The screen resolution difference is the most obvious change between the two versions, as expected. The title screen, menus and title cards were changed, partly to compensate for the limited colours on the Master System and partly because the higher resolution meant more space could be used on screen. The music is different for the intro and Gigapolis Zone and the Master System version lacks Power Sneaker and Chaos Emerald victory music. Gigapolis Zone is known as "Gigalopolis Zone" in the Master System version (which is also its name in the Japanese version) and there are act 3 layout differences in Aqua Planet Zone, Mecha Green Hill Zone and Electric Egg Zone between the two versions, and the Game Gear version has some (in some cases, most) of the rings removed from act 3 layout of every zone. The Gigapolis Zone boss also shoots a spiked ball before he blows up in the Master System version. In the Master System version, Sonic's second good ending is different as he simply rolls up in a ball as opposed to tripping and falling when Robotnik goes off screen. In the credits of the Master System version, Miles "Tails" Prower's name is misspelled as "Miles Power", but this is corrected in the Game Gear version. Interestingly, there are differences between the English and Japanese Game Gear versions, too. The font used for title cards is different; the Japanese version uses the same font as the one used for the results screen, whereas the English version uses a different font. Dr. Robotnik is called "Eggman" in the credits of the Japanese version. Also, the Japanese version uses a combination of Master System and English Game Gear versions' act 3 layouts. It uses the Master System's layouts for Turquoise Hill Zone and Gigapolis Zone, an altered version of Master System's layout for Sleeping Egg Zone, altered versions of English Game Gear's layouts for Mecha Green Hill Zone and Aqua Planet Zone, and the English Game Gear's layout for Electric Egg Zone.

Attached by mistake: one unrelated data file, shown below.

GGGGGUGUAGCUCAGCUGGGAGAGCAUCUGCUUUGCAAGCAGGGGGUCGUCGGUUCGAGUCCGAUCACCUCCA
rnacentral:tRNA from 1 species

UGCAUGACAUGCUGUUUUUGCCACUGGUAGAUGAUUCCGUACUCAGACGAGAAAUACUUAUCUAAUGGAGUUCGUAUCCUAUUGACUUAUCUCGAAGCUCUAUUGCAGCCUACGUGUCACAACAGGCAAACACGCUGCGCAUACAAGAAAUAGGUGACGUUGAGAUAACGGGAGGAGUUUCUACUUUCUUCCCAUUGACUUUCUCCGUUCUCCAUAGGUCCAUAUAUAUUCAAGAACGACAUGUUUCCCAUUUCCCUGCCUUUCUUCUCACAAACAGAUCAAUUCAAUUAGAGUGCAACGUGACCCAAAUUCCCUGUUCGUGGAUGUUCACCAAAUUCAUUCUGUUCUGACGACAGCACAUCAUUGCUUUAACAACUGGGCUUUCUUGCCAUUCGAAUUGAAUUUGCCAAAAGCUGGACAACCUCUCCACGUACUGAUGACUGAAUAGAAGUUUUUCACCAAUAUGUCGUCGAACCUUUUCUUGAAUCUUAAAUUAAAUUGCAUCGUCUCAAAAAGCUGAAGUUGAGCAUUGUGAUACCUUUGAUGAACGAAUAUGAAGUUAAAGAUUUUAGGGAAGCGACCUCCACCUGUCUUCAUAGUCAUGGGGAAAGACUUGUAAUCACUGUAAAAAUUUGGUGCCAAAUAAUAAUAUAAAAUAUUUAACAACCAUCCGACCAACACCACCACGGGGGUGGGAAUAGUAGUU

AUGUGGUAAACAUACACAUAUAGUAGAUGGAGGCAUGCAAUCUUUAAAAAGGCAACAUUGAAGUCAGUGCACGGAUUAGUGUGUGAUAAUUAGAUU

|83||Sonic Retro Average|
|Based on 5 reviews|
|Game Gear, US (Majesco rerelease)|
|84||Sonic Retro Average|
|Based on 5 reviews|
|Sonic games for the following systems|
|2006 Sonic the Hedgehog | Dr. Robotnik's Mean Bean Machine 2007 Sonic the Hedgehog 2 | Sonic the Hedgehog 3 | Sonic Spinball | Sonic 3D: Flickies' Island 2008 Sonic the Hedgehog (8-bit) | Sonic the Hedgehog 2 (8-bit) 2009 Sonic Chaos | Sonic & Knuckles 2010 Sonic the Hedgehog 4 Episode I|
| 1991 Sonic the Hedgehog 1992 Sonic the Hedgehog 2 1993 Sonic Chaos | Dr. Robotnik's Mean Bean Machine 1994 Sonic Drift | Sonic Spinball | Sonic the Hedgehog Triple Trouble 1995 Sonic Drift 2 | Tails' Skypatrol | Tails Adventures | Sonic Labyrinth | Sonic 2 in 1 1996 Sonic Blast |
Prototypes Sonic the Hedgehog (Game Gear prototype) | Sonic the Hedgehog 2 (8-bit) AutoDemo | Sonic Chaos Sample | Sonic Drift (demo) | Sonic Spinball (8-bit) Prereleases | Sonic Triple Trouble Prereleases | Sonic Blast Prereleases
Unreleased Sonic's Edusoft